The nature of the creature, and we do learn everything, is completely ridiculous, but that's ok. As long as there are some tense moments accompanied by some bloody kills. One scene, in the sub-basement, completely apes Alien, as a K-9 officer goes off by himself in search of his dog (remember the scene with Harry Dean Stanton going off alone after Ripley's cat?). Unfortunately, I couldn't tell what the fuck was happening so I just flashed back to Alien and imagined it went down the same way. Alien may have been bathed in darkness too, but they used things like emergency lights, beacons, etc to convey the action to the audience. Sure, we didn't see everything. We saw enough. Aliens went infra-red at times to deal with this problem. Not fucking Hyams. I can only think he's a pretty piss poor DP which is why he didn't want us to see what he was shooting.
Still, the movie has it's moments. The creature sounds like it's constantly sucking on an inhaler so I loved the moment when Penelope hides from the sound in the bathroom only to realize it's just the asthmatic cleaning woman. The mass panic that happens at the gala as hundreds of rich bastards flee for the closing doors is a classic bit. Not even sure why they were really running. They didn't even see the monster, just a body. The mayor was portrayed as your classic windbag, when he wasn't bragging about his wife's cleavage. He gives a funny speech where he talks about taking fragile footsteps towards the 21st century or something. One guy in the audience wonders if he's speaking english. I think he just needs a better speechwriter.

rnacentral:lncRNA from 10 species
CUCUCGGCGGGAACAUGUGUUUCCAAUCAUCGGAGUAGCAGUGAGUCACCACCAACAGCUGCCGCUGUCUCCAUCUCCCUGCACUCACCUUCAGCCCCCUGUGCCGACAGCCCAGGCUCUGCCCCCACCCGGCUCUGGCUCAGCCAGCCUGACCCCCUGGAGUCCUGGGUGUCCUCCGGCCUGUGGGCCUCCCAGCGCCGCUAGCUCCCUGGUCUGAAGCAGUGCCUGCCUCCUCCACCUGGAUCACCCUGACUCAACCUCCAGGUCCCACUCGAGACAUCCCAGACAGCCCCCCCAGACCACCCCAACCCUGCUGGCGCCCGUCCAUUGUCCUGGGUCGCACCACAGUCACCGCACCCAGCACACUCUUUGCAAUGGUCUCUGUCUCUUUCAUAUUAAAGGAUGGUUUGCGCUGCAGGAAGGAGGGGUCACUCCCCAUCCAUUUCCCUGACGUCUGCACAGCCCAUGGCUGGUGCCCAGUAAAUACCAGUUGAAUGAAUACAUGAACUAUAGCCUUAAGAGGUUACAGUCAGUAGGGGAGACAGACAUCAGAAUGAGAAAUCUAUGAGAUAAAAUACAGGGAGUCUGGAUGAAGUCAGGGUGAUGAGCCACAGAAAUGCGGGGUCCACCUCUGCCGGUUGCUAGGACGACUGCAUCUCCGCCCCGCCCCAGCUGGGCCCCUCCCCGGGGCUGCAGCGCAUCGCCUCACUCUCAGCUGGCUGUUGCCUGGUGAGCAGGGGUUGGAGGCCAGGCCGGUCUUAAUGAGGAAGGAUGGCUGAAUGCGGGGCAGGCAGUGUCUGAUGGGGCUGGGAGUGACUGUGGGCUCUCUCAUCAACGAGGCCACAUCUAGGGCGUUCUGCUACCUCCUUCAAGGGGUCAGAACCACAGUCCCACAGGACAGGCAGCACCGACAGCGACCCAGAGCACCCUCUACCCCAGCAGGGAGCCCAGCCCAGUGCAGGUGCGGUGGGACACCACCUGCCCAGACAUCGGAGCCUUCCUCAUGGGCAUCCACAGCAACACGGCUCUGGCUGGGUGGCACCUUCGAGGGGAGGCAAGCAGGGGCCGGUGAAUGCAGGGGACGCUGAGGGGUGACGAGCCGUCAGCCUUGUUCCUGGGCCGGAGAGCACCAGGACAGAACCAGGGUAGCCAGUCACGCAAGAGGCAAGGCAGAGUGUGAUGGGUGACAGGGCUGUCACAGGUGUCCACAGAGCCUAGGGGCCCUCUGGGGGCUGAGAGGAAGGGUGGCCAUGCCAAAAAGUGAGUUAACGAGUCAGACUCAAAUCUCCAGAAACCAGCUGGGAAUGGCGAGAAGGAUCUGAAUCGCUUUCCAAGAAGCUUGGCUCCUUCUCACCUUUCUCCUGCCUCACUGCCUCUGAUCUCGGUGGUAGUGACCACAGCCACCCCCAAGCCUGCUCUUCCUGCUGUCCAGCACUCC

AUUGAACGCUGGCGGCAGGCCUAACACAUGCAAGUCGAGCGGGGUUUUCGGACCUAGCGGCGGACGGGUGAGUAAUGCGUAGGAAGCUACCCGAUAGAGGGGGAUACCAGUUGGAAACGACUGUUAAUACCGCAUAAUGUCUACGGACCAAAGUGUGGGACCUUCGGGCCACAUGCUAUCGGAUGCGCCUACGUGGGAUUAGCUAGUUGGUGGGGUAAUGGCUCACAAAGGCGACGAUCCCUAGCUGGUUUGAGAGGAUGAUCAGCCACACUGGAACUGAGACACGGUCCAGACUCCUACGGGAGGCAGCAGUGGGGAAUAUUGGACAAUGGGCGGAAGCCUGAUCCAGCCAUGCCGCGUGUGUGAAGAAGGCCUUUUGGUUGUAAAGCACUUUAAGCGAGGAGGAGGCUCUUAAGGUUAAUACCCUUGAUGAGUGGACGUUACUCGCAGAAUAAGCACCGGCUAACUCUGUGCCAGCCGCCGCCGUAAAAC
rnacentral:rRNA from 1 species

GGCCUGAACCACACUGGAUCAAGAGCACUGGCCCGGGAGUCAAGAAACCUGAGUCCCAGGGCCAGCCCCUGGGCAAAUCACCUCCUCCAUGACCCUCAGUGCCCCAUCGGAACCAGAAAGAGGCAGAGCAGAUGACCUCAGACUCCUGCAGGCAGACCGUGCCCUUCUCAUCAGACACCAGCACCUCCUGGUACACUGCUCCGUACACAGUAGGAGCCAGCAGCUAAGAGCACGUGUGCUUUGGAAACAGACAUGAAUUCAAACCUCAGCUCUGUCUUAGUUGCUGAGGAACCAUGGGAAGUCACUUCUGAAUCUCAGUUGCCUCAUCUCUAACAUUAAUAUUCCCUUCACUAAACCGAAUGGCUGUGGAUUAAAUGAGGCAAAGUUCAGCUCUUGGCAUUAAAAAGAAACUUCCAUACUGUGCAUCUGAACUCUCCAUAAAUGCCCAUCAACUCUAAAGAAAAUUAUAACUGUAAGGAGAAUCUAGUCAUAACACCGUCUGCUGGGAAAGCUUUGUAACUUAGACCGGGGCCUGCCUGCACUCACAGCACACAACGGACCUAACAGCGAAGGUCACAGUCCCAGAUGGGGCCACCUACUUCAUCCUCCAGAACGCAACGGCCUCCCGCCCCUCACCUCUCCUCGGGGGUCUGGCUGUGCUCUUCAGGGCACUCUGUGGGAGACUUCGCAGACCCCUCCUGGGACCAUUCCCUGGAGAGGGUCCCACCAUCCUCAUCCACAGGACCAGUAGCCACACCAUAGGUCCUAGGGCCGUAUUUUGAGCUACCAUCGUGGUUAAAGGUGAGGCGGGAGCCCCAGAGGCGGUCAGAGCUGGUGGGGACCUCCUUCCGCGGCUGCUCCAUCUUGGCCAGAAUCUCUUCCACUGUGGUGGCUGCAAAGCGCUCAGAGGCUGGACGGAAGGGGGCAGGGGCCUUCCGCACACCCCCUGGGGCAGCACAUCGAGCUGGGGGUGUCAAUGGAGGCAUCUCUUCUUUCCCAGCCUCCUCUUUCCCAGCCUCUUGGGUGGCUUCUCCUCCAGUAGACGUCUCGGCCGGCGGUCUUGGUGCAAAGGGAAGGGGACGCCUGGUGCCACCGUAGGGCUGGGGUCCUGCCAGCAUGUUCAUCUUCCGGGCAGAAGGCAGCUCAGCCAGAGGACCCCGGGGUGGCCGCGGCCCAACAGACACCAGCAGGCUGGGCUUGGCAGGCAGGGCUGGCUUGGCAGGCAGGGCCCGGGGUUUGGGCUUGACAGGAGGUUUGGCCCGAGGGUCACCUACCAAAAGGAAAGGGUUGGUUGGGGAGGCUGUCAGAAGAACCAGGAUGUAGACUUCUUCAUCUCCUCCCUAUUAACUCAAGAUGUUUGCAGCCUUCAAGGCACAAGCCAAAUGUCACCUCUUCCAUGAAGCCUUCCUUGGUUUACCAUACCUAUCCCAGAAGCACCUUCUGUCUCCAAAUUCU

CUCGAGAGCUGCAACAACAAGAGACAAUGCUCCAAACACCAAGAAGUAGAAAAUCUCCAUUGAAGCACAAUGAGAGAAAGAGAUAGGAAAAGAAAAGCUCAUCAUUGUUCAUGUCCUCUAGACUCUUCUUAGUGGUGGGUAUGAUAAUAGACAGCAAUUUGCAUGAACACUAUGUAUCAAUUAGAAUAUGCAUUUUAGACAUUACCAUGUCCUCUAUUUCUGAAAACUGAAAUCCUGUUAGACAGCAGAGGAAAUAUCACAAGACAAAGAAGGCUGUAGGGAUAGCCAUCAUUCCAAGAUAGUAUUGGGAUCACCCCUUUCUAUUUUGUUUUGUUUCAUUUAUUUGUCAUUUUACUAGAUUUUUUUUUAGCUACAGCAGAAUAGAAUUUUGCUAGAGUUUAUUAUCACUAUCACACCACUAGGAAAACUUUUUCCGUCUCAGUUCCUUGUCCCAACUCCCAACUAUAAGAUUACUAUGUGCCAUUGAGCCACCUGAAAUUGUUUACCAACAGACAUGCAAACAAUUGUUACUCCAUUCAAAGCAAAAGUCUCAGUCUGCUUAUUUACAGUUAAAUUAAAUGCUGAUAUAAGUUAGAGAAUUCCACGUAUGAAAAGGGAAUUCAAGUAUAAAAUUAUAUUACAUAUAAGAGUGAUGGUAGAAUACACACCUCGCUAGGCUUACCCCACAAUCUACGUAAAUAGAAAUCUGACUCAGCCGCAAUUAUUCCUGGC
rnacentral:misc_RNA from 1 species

I guess Hyams did a great job at concealing what must have been some pretty piss-poor CGI. There are a few ways to hide some bad effects work. One is to shoot in darkness (check!). Another effective method is to add some rain (double check!). As soon as some museum glass breaks, the fire doors come crashing down followed by the sprinklers. Kudos Mr. Hyams. There are a couple nice effects, however. One involves the creature, completely engulfed in flames, chasing after Penelope Ann Miller. The film's top moment comes when a SWAT team drops through the roof one by one and are consumed one by one. The creature itself (created by Stan Winston!) resembles a giant cat crossed with a lizard and has the mouth of a predator. I don't know, I still enjoyed it. Maybe I just had the tint turned way down (or is it up) on my TV. Someday, I'll watch again and try adjusting it. It's strange, but the only thing I'll probably remember about this picture a year from now is the alert setting on Miller's computer (for when a download or analysis is completed). It's the sound of screeching tires, then shattering glass. It was jarring every time I heard it. It goes off at least three times. What the fuck was that about?